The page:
How to Boost Your Career

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"New Year, new start." You hear this phrase again and again when it's approaching the end of the year and there are many articles on the Internet offering advice on how to get a new job in the New Year. This article, however, focuses on what you need to do to advance your career in the long term. Having reviewed our resources on our Career Tools & Advice section, we have now developed the following top 5 tips which can help you boost and manage your career in the year ahead, be it a new job or your current job.

The Top 5 Tips are:

  1. Assess your strengths and weaknesses
  2. Develop your intent
  3. Create an action plan for 2011
  4. Build confidence by updating your CV
  5. Document your continuous professional development

1. Assess your strengths and weaknesses

A SWOT (Strengths, Weaknesses, Opportunities, and Threats) analysis can help you to assess what you are good at and the areas you need to work on.

The SWOT analysis is a tool used in strategic planning and marketing, but it can also be applied to your career development, which has been mentioned by both Neil Harris in his article Career Audit and Melanie Allen in her Career Crisis series

Strengths and weaknesses are used to assess yourself. These include your skills, knowledge, experience and your motivation. Opportunities and threats are used to evaluate the environment around you, including issues arising in your working environment and industries. The table below shows an example of your career SWOT analysis:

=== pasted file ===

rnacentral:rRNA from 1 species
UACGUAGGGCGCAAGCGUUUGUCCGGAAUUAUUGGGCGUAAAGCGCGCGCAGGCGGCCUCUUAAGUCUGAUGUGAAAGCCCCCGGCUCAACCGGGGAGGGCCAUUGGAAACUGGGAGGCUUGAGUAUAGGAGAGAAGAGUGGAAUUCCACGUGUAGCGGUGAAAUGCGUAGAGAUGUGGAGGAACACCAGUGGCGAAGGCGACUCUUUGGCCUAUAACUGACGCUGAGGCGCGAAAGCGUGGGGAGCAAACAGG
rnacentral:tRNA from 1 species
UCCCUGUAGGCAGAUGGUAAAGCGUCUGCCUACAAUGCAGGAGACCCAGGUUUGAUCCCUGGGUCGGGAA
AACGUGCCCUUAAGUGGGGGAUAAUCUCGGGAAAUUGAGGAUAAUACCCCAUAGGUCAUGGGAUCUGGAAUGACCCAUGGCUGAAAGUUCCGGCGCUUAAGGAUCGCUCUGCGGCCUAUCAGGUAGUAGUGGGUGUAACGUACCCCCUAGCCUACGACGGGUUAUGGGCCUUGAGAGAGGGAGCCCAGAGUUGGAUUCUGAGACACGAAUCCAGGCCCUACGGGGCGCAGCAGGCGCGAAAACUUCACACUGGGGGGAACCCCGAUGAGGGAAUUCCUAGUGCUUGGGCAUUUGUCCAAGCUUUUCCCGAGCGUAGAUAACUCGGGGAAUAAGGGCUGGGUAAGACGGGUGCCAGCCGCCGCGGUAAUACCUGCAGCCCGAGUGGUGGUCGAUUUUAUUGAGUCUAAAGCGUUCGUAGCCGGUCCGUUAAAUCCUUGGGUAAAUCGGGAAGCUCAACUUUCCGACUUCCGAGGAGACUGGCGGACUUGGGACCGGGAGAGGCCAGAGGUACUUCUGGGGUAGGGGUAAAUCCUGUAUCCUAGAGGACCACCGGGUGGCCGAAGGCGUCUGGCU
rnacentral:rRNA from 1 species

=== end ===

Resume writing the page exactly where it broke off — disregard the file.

Internal - About yourself Strengths Weaknesses
External - About your work
& Industry
Opportunities Threats

From the SWOT analysis, you need to determine how you can overcome your weaknesses and convert threats into opportunities. For example, you could take a course to develop a particular skill or obtain a professional qualification, or you can work from home in order to cut down travelling time and costs.

2. Develop your intent

Be clear about what you want to achieve in your career. Evaluate your current job and consider if this fits or if it's time for a change.

Your career intent is your long-term career goals. According to your SWOT analysis, write down what you want to achieve in 3 years, 5 years, and 10 years time in your career. Your career intent will give you a direction that you want to go on your career path. Your long-term intent can help you set realistic short-term objectives. Only by achieving the short-term objectives can you reach your long-term career goals.

You now need to evaluate your current work by asking the following questions:

  • What parts of my job satisfy me?
  • What parts of the current job don't satisfy me and how I can turn it around?
  • Am I able to achieve my short-term objectives and long-term goals in my current position?
  • If I can't achieve my objectives, what can I do to achieve them? By training for career development, staying in the same job but going on secondment, or changing job?